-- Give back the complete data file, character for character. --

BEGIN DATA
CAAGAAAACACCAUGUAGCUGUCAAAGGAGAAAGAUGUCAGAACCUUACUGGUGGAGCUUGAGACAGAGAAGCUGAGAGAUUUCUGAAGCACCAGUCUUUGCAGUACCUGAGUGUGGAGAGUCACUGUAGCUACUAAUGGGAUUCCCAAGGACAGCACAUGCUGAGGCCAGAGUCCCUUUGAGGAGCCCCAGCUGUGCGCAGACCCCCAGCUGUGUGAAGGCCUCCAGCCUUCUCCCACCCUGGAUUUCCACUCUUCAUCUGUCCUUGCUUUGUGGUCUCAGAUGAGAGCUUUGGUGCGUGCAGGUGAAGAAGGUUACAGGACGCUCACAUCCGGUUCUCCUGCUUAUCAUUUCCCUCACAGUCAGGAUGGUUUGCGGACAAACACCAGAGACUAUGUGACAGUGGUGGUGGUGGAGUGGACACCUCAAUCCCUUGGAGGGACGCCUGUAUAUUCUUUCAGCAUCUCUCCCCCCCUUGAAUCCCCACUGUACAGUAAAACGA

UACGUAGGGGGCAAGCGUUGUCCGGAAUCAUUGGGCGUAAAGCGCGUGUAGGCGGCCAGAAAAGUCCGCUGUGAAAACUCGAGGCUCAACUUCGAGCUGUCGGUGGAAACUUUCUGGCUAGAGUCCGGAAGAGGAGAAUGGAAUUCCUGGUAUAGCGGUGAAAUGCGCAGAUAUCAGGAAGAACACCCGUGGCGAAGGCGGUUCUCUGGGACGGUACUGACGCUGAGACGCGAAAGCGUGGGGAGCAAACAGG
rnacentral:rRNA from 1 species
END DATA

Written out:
CAAGAAAACACCAUGUAGCUGUCAAAGGAGAAAGAUGUCAGAACCUUACUGGUGGAGCUUGAGACAGAGAAGCUGAGAGAUUUCUGAAGCACCAGUCUUUGCAGUACCUGAGUGUGGAGAGUCACUGUAGCUACUAAUGGGAUUCCCAAGGACAGCACAUGCUGAGGCCAGAGUCCCUUUGAGGAGCCCCAGCUGUGCGCAGACCCCCAGCUGUGUGAAGGCCUCCAGCCUUCUCCCACCCUGGAUUUCCACUCUUCAUCUGUCCUUGCUUUGUGGUCUCAGAUGAGAGCUUUGGUGCGUGCAGGUGAAGAAGGUUACAGGACGCUCACAUCCGGUUCUCCUGCUUAUCAUUUCCCUCACAGUCAGGAUGGUUUGCGGACAAACACCAGAGACUAUGUGACAGUGGUGGUGGUGGAGUGGACACCUCAAUCCCUUGGAGGGACGCCUGUAUAUUCUUUCAGCAUCUCUCCCCCCCUUGAAUCCCCACUGUACAGUAAAACGA

UACGUAGGGGGCAAGCGUUGUCCGGAAUCAUUGGGCGUAAAGCGCGUGUAGGCGGCCAGAAAAGUCCGCUGUGAAAACUCGAGGCUCAACUUCGAGCUGUCGGUGGAAACUUUCUGGCUAGAGUCCGGAAGAGGAGAAUGGAAUUCCUGGUAUAGCGGUGAAAUGCGCAGAUAUCAGGAAGAACACCCGUGGCGAAGGCGGUUCUCUGGGACGGUACUGACGCUGAGACGCGAAAGCGUGGGGAGCAAACAGG
rnacentral:rRNA from 1 species